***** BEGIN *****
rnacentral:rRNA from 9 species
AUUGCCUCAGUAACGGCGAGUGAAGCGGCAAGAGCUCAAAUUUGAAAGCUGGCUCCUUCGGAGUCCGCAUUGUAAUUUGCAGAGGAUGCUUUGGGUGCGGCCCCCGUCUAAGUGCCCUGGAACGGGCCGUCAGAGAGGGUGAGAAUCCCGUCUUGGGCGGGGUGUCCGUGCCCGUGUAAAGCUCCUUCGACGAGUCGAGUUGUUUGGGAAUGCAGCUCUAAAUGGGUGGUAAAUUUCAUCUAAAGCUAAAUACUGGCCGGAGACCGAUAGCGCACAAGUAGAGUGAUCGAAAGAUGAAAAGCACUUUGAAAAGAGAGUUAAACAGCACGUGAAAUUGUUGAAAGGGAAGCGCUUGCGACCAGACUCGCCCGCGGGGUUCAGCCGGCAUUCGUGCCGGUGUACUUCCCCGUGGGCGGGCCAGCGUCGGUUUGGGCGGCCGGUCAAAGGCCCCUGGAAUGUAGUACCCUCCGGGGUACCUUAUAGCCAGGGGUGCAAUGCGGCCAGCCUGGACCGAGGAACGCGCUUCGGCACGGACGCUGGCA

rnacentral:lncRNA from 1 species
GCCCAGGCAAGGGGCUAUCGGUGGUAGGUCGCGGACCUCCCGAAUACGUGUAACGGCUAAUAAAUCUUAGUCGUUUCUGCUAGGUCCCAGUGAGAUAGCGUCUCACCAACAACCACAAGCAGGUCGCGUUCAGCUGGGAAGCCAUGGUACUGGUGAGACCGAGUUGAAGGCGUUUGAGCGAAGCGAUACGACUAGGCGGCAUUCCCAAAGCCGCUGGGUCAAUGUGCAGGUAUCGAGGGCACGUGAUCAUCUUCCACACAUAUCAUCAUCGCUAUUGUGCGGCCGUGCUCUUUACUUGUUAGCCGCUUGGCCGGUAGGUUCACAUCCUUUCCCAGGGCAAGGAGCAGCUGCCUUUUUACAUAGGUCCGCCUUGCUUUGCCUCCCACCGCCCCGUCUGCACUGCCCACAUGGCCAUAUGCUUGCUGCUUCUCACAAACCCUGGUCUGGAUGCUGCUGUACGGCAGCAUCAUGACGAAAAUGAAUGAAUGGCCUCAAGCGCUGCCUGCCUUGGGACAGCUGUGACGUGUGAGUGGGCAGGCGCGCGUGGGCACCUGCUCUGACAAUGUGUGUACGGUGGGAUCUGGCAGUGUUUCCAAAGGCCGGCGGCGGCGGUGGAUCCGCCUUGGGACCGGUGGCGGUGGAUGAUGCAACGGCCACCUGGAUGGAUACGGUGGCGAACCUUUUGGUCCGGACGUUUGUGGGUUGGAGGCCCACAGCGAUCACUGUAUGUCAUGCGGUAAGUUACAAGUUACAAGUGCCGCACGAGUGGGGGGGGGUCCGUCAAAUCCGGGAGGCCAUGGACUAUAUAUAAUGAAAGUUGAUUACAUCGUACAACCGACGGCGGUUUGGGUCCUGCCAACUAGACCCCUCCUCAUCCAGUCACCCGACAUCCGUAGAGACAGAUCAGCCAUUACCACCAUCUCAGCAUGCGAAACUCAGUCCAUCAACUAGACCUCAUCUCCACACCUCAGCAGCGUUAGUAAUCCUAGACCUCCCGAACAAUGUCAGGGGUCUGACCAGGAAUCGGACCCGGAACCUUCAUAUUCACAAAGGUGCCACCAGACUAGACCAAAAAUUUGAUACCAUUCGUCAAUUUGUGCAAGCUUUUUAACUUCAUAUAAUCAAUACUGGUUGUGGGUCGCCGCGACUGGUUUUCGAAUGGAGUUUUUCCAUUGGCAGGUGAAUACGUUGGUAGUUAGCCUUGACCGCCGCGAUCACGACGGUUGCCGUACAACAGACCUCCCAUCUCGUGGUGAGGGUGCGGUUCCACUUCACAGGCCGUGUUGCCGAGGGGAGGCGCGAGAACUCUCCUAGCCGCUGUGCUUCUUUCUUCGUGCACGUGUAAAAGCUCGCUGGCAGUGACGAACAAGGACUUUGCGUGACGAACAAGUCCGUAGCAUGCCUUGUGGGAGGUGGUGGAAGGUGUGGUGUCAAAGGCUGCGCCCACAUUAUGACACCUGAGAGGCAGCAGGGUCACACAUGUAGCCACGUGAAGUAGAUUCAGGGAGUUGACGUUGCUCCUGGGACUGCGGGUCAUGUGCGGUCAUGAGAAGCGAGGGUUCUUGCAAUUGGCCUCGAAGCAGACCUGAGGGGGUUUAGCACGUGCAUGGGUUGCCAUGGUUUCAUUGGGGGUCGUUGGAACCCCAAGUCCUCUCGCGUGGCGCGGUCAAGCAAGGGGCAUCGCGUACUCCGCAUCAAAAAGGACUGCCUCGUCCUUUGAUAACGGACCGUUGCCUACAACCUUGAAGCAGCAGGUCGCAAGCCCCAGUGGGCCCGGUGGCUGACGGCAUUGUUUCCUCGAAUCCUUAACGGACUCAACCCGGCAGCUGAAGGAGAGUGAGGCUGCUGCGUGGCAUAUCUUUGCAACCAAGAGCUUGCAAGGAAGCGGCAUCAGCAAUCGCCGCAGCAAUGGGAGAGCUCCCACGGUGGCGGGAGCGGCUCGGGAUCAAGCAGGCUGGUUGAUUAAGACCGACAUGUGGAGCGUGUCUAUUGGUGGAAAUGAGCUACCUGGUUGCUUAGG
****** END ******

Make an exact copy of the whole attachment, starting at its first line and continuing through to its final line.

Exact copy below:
rnacentral:rRNA from 9 species
AUUGCCUCAGUAACGGCGAGUGAAGCGGCAAGAGCUCAAAUUUGAAAGCUGGCUCCUUCGGAGUCCGCAUUGUAAUUUGCAGAGGAUGCUUUGGGUGCGGCCCCCGUCUAAGUGCCCUGGAACGGGCCGUCAGAGAGGGUGAGAAUCCCGUCUUGGGCGGGGUGUCCGUGCCCGUGUAAAGCUCCUUCGACGAGUCGAGUUGUUUGGGAAUGCAGCUCUAAAUGGGUGGUAAAUUUCAUCUAAAGCUAAAUACUGGCCGGAGACCGAUAGCGCACAAGUAGAGUGAUCGAAAGAUGAAAAGCACUUUGAAAAGAGAGUUAAACAGCACGUGAAAUUGUUGAAAGGGAAGCGCUUGCGACCAGACUCGCCCGCGGGGUUCAGCCGGCAUUCGUGCCGGUGUACUUCCCCGUGGGCGGGCCAGCGUCGGUUUGGGCGGCCGGUCAAAGGCCCCUGGAAUGUAGUACCCUCCGGGGUACCUUAUAGCCAGGGGUGCAAUGCGGCCAGCCUGGACCGAGGAACGCGCUUCGGCACGGACGCUGGCA

rnacentral:lncRNA from 1 species
GCCCAGGCAAGGGGCUAUCGGUGGUAGGUCGCGGACCUCCCGAAUACGUGUAACGGCUAAUAAAUCUUAGUCGUUUCUGCUAGGUCCCAGUGAGAUAGCGUCUCACCAACAACCACAAGCAGGUCGCGUUCAGCUGGGAAGCCAUGGUACUGGUGAGACCGAGUUGAAGGCGUUUGAGCGAAGCGAUACGACUAGGCGGCAUUCCCAAAGCCGCUGGGUCAAUGUGCAGGUAUCGAGGGCACGUGAUCAUCUUCCACACAUAUCAUCAUCGCUAUUGUGCGGCCGUGCUCUUUACUUGUUAGCCGCUUGGCCGGUAGGUUCACAUCCUUUCCCAGGGCAAGGAGCAGCUGCCUUUUUACAUAGGUCCGCCUUGCUUUGCCUCCCACCGCCCCGUCUGCACUGCCCACAUGGCCAUAUGCUUGCUGCUUCUCACAAACCCUGGUCUGGAUGCUGCUGUACGGCAGCAUCAUGACGAAAAUGAAUGAAUGGCCUCAAGCGCUGCCUGCCUUGGGACAGCUGUGACGUGUGAGUGGGCAGGCGCGCGUGGGCACCUGCUCUGACAAUGUGUGUACGGUGGGAUCUGGCAGUGUUUCCAAAGGCCGGCGGCGGCGGUGGAUCCGCCUUGGGACCGGUGGCGGUGGAUGAUGCAACGGCCACCUGGAUGGAUACGGUGGCGAACCUUUUGGUCCGGACGUUUGUGGGUUGGAGGCCCACAGCGAUCACUGUAUGUCAUGCGGUAAGUUACAAGUUACAAGUGCCGCACGAGUGGGGGGGGGUCCGUCAAAUCCGGGAGGCCAUGGACUAUAUAUAAUGAAAGUUGAUUACAUCGUACAACCGACGGCGGUUUGGGUCCUGCCAACUAGACCCCUCCUCAUCCAGUCACCCGACAUCCGUAGAGACAGAUCAGCCAUUACCACCAUCUCAGCAUGCGAAACUCAGUCCAUCAACUAGACCUCAUCUCCACACCUCAGCAGCGUUAGUAAUCCUAGACCUCCCGAACAAUGUCAGGGGUCUGACCAGGAAUCGGACCCGGAACCUUCAUAUUCACAAAGGUGCCACCAGACUAGACCAAAAAUUUGAUACCAUUCGUCAAUUUGUGCAAGCUUUUUAACUUCAUAUAAUCAAUACUGGUUGUGGGUCGCCGCGACUGGUUUUCGAAUGGAGUUUUUCCAUUGGCAGGUGAAUACGUUGGUAGUUAGCCUUGACCGCCGCGAUCACGACGGUUGCCGUACAACAGACCUCCCAUCUCGUGGUGAGGGUGCGGUUCCACUUCACAGGCCGUGUUGCCGAGGGGAGGCGCGAGAACUCUCCUAGCCGCUGUGCUUCUUUCUUCGUGCACGUGUAAAAGCUCGCUGGCAGUGACGAACAAGGACUUUGCGUGACGAACAAGUCCGUAGCAUGCCUUGUGGGAGGUGGUGGAAGGUGUGGUGUCAAAGGCUGCGCCCACAUUAUGACACCUGAGAGGCAGCAGGGUCACACAUGUAGCCACGUGAAGUAGAUUCAGGGAGUUGACGUUGCUCCUGGGACUGCGGGUCAUGUGCGGUCAUGAGAAGCGAGGGUUCUUGCAAUUGGCCUCGAAGCAGACCUGAGGGGGUUUAGCACGUGCAUGGGUUGCCAUGGUUUCAUUGGGGGUCGUUGGAACCCCAAGUCCUCUCGCGUGGCGCGGUCAAGCAAGGGGCAUCGCGUACUCCGCAUCAAAAAGGACUGCCUCGUCCUUUGAUAACGGACCGUUGCCUACAACCUUGAAGCAGCAGGUCGCAAGCCCCAGUGGGCCCGGUGGCUGACGGCAUUGUUUCCUCGAAUCCUUAACGGACUCAACCCGGCAGCUGAAGGAGAGUGAGGCUGCUGCGUGGCAUAUCUUUGCAACCAAGAGCUUGCAAGGAAGCGGCAUCAGCAAUCGCCGCAGCAAUGGGAGAGCUCCCACGGUGGCGGGAGCGGCUCGGGAUCAAGCAGGCUGGUUGAUUAAGACCGACAUGUGGAGCGUGUCUAUUGGUGGAAAUGAGCUACCUGGUUGCUUAGG